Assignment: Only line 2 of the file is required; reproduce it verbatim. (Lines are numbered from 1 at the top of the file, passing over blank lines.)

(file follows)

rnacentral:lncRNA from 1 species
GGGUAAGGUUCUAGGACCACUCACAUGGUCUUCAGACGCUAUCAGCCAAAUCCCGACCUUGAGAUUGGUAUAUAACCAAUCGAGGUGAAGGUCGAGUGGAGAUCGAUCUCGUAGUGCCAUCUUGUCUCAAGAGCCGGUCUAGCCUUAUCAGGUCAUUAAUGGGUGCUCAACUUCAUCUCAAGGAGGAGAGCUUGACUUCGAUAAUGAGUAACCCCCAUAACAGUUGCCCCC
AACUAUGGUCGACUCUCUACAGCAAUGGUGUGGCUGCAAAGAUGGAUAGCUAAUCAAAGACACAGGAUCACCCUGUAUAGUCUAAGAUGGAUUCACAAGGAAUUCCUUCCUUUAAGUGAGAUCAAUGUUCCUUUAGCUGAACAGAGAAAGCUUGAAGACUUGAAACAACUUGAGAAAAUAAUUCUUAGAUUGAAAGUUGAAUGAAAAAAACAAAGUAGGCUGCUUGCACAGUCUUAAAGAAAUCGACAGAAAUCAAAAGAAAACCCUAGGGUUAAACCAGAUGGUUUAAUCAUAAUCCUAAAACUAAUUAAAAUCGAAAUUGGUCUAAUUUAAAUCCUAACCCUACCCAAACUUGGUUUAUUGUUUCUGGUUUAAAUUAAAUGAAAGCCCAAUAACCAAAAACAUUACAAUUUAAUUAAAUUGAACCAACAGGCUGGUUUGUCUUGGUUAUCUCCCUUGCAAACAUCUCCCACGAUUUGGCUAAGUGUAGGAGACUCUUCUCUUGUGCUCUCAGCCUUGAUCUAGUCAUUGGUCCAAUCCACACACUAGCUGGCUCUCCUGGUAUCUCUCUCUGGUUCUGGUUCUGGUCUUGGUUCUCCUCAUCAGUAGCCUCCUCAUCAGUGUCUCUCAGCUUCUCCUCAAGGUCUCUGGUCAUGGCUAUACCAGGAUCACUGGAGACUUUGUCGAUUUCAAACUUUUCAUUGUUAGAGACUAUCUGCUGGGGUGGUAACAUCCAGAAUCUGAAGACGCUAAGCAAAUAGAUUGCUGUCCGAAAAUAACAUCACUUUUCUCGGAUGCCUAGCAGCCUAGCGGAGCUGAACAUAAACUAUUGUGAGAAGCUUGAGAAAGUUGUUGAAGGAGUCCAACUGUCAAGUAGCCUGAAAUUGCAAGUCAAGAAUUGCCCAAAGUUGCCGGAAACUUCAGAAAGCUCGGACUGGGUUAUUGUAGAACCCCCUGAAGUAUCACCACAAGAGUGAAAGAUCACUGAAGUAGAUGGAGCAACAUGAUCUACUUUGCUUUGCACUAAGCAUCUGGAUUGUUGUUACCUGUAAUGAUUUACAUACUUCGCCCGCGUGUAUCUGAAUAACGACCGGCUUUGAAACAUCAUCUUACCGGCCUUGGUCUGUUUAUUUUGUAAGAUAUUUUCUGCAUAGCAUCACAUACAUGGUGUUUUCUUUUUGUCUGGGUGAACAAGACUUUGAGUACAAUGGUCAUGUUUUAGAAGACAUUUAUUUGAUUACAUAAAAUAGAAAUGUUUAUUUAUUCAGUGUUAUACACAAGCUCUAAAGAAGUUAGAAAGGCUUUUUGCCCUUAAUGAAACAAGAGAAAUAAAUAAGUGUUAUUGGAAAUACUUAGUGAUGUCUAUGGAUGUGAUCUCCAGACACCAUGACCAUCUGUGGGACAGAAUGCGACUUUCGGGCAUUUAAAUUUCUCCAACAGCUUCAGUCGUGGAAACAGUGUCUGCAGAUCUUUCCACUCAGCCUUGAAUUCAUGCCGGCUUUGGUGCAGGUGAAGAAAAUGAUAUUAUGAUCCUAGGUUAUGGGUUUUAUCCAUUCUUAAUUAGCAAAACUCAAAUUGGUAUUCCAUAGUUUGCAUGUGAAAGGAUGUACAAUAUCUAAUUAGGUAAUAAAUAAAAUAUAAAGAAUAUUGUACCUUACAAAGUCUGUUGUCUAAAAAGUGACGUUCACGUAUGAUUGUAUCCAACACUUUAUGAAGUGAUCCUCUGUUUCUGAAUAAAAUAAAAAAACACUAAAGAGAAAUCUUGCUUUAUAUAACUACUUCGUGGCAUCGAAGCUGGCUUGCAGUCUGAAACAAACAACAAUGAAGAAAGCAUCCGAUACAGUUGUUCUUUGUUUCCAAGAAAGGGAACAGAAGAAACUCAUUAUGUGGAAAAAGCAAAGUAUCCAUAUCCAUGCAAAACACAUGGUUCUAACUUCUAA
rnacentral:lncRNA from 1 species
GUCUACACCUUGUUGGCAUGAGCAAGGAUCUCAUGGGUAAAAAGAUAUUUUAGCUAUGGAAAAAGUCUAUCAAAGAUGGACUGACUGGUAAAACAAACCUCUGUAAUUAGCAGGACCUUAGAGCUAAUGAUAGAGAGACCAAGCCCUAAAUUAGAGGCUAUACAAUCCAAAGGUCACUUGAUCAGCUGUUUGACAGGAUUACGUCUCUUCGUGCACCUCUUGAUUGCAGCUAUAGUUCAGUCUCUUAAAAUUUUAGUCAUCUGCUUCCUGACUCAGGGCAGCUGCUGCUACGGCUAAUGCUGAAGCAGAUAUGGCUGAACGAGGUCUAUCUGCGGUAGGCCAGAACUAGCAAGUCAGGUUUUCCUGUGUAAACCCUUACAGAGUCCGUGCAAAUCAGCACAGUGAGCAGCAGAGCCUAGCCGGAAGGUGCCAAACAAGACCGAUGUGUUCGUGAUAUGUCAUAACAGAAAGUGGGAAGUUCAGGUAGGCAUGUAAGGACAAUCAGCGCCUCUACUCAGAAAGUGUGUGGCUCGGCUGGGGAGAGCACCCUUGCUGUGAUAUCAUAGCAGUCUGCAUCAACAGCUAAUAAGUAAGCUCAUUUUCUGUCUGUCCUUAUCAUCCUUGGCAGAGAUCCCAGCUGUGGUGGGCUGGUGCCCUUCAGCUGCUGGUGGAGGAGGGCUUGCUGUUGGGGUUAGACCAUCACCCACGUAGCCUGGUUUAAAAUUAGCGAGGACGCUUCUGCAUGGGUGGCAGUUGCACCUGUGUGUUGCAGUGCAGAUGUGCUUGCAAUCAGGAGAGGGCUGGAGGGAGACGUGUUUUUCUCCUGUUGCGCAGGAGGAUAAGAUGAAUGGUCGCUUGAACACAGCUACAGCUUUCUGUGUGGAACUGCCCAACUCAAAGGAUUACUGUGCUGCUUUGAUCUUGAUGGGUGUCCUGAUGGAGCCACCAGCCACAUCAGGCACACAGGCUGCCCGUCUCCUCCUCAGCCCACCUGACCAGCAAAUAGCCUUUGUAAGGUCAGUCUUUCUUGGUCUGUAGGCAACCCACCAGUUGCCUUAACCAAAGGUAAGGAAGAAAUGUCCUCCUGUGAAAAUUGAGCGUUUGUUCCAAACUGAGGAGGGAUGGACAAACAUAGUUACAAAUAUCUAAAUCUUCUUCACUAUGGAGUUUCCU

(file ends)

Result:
GGGUAAGGUUCUAGGACCACUCACAUGGUCUUCAGACGCUAUCAGCCAAAUCCCGACCUUGAGAUUGGUAUAUAACCAAUCGAGGUGAAGGUCGAGUGGAGAUCGAUCUCGUAGUGCCAUCUUGUCUCAAGAGCCGGUCUAGCCUUAUCAGGUCAUUAAUGGGUGCUCAACUUCAUCUCAAGGAGGAGAGCUUGACUUCGAUAAUGAGUAACCCCCAUAACAGUUGCCCCC